Archive for January, 2008

Book of Lights, by Chaim Potok.

January 25, 2008

What’s it about?

Gershon is a rabbi-in-training with an interest in mysticism over law (Kabbalah over Talmud), and a need to connect that mysticism to experience.

He does it through his friend and fellow rabbi-in-training, whose father helped build the atomic bomb (as did many Jews, I think). His friend is full of guilt (and rejection of his parents), which distracts from the quality of his religious study.

Military service, as chaplains, is required, and they go to South Korea. There, Gershon’s experiences separate his values from his religion. The people he admires are not Jews: a Korean boy, a Mormon assistant who is harder working and more open-minded than his Jewish assistant. The difference he sees himself making is practical: improvement of physical conditions. The actual spiritual counseling is presented as minimally important, and consists largely of Jewish soldiers in conflict with the military (prostitution is mentioned several times). The main Jewish advocacy occurs when there is war in the Middle East (the Suez Crisis, I think), and there is talk that the Jews are about to start a nuclear war.

Gershon’s drift away from  seeing value in  his religion continues to a crisis point, producing a severe questioning of faith. After the military service, it’s unclear whether mysticism still has relevance for him.

This passage, spoken by one of his professors near the end, is a good expression of the purpose of spirituality, in contrast to religion:

“What is of importance is not that there may be nothing. We have always acknowledged that as a possibility. What is important is that if indeed there is nothing, then we should be prepared to make something out of the only thing we have left to us–ourselves.”

I wonder: Why not make something out of ourselves regardless of whether there is nothing (i.e. no god)?

At the end, Gershon meditates on a rooftop and has a conversation with some entities (God and/or a tempter…it is not made clear). He resolves to continue study of the Kabbalah.

I like the book because the themes are understated and thoughtful. It’s not a book that will work for you if you expect to be entertained. The reader is expected to make some meaning for himself. Quite a bit is not explained, but there is enough for the pleasure of building your own meaning from what is given.



January 23, 2008


Big plans. Go to traditional, historic site (one hour by subway) with good hiking, do good hiking, see important, traditional site, go home, relax at the Manhattan Bar.

Did it happen? Of course! (More or less.)

Slept late. Read about stocks crashing. Worried. Yawned. Wet, grimy snow was falling outside. Crawled back to the womb (under the blankets).

I think I got myself to the “porridge” bar around 10:00, where I had pumpkin porridge. Yum. On the way to Starbucks, I pulled out my camera hoping to catch some Korean women wearing miniskirts in the snow. Oh those crazy Koreans! There was a great opportunity too, as a flock of young ladies popped out a doorway, almost all in minis, with some nice fat snowflakes falling through the air, but I couldn’t get a picture. I wonder who the first Korean to climb Everest in a miniskirt will be.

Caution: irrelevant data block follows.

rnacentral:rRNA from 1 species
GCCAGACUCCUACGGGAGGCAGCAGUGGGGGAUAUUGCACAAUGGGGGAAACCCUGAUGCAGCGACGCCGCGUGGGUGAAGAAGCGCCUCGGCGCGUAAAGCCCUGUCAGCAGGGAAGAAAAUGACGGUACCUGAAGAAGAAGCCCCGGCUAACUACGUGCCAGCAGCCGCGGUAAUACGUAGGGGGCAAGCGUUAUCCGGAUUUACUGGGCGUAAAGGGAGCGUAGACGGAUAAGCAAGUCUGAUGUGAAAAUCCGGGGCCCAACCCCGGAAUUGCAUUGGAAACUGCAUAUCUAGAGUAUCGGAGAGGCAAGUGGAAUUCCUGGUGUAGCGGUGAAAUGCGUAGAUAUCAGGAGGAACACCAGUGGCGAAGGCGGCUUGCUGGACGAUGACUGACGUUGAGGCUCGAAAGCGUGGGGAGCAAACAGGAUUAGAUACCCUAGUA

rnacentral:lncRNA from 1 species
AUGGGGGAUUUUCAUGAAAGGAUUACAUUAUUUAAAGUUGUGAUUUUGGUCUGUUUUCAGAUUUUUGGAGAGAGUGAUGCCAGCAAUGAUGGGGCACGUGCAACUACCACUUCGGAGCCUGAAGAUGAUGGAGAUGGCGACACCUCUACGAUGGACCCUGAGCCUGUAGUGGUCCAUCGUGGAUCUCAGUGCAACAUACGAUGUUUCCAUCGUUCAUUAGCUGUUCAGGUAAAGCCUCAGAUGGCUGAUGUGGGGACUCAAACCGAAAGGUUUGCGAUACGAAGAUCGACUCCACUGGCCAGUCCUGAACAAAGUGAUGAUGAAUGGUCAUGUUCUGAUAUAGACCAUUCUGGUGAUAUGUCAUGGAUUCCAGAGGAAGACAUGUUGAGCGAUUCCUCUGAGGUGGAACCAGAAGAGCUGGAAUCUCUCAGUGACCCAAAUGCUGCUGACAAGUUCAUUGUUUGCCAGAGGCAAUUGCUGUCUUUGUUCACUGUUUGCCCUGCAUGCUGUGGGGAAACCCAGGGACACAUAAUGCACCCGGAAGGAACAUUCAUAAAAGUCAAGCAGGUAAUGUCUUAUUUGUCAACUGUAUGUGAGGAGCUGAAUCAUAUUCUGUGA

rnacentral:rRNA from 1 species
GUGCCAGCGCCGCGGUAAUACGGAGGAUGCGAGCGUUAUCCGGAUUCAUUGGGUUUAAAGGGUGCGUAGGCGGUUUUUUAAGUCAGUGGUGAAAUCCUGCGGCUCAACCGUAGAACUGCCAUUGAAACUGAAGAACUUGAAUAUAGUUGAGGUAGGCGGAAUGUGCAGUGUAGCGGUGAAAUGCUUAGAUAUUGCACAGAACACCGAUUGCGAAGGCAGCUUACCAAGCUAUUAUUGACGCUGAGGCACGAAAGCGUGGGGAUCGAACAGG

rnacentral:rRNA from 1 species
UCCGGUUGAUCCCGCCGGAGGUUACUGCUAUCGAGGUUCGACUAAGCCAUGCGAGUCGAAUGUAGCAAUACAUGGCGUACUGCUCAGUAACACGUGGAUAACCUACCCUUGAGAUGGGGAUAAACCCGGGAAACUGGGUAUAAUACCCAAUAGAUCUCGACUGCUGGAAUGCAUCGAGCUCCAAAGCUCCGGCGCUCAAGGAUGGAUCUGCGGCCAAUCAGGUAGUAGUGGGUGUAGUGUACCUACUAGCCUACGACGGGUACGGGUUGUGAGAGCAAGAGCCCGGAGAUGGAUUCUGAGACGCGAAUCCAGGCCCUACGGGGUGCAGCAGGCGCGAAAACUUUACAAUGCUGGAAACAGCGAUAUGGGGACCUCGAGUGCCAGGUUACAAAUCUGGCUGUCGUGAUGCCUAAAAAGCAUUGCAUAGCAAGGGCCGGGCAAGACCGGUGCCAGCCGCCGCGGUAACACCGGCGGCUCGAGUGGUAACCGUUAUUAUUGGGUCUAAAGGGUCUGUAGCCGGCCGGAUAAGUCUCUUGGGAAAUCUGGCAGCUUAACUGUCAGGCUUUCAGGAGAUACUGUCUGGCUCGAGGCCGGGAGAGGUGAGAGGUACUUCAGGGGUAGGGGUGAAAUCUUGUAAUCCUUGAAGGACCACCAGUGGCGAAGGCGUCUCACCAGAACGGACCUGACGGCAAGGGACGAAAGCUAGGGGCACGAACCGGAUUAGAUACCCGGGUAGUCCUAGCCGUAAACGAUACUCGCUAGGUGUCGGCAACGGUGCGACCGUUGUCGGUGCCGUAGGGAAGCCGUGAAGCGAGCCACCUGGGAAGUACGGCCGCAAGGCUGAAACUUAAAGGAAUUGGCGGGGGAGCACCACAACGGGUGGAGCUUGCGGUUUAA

Onward to Starbucks, where I contemplated being lazy and going home (it was getting late, the weather…). But, no, no; courageous, intrepid me pressed onward (ever onward).

Read the pink Korean Herald on the train. Stock markets crashing, president-elect of Korea under investigation. Presidential candidates in the US accusing each other of being bad people. Giant, Patriots in the Super Bowl (finally, some real news). I wish I had shorted stocks super-aggressively, or at least sold everything. Oh well.

On the way to Namhanseong-san I got mildly lost, couldn’t figure out the difference between the park and the historic site, thought I got off at the wrong station, got frustrated and started getting mad at myself. Getting mad at myself is something I practice often. Or do I do it for real? I’m not sure.

Finally I tried to ask directions from two old Korean men on the street.

* Me: 어디 남한산성?

* Old men: Eh?

I figured my grammar was bad, but if they could understand my pronunciation they would understand my question. So I tried to be really clear…

* Me: (very slowly): 어 디  남 한 산 성 ?

* Old men: (looking at each other) Eh?

Maybe the problem was my grammar. I tried to remember the right endings…

* Me: 남한산성은 어디에 입닉가?

* Old men: Eh?

* Me: 남한산성가 어디에 입닉가?

* Old men: Eh?

Finally I gave up on the idea of making a complete sentence, and just said “남한산성?” while shrugging and looking hopeful. I pronounced it at a normal speed, trying to maintain the unstressed Korean pronunciation. They immediately understood and pointed me in the right direction! Moral of the story: it is better to say one word clearly than three words badly.

My labyrinthitis was a bit of a bleary nuisance while walking back to the subway. Oh well.


Magically, when I got to the mountain, the snow was clean and fluffy and beautiful. No at all like that nasty city snow down the hill. There were lovely spots: bare trees with clean snow lining their branches, snowy rocky hillsides, misty views of nearby snowy peaks.

Back in Ansan: Starbucks, home, snacks for dinner, consideration of being lazy (always!) instead of following the plan to go to the Manhattan Bar (where my plan is to journal the day’s events) , awe-inspiring surmounting of the temptation of laziness, trudge to bar (no more snow), discover they make manhattans with Jack Daniels (gross), pay more for something nicer, and here I am writing this!

Lunch today

January 5, 2008

Squidburger and fries.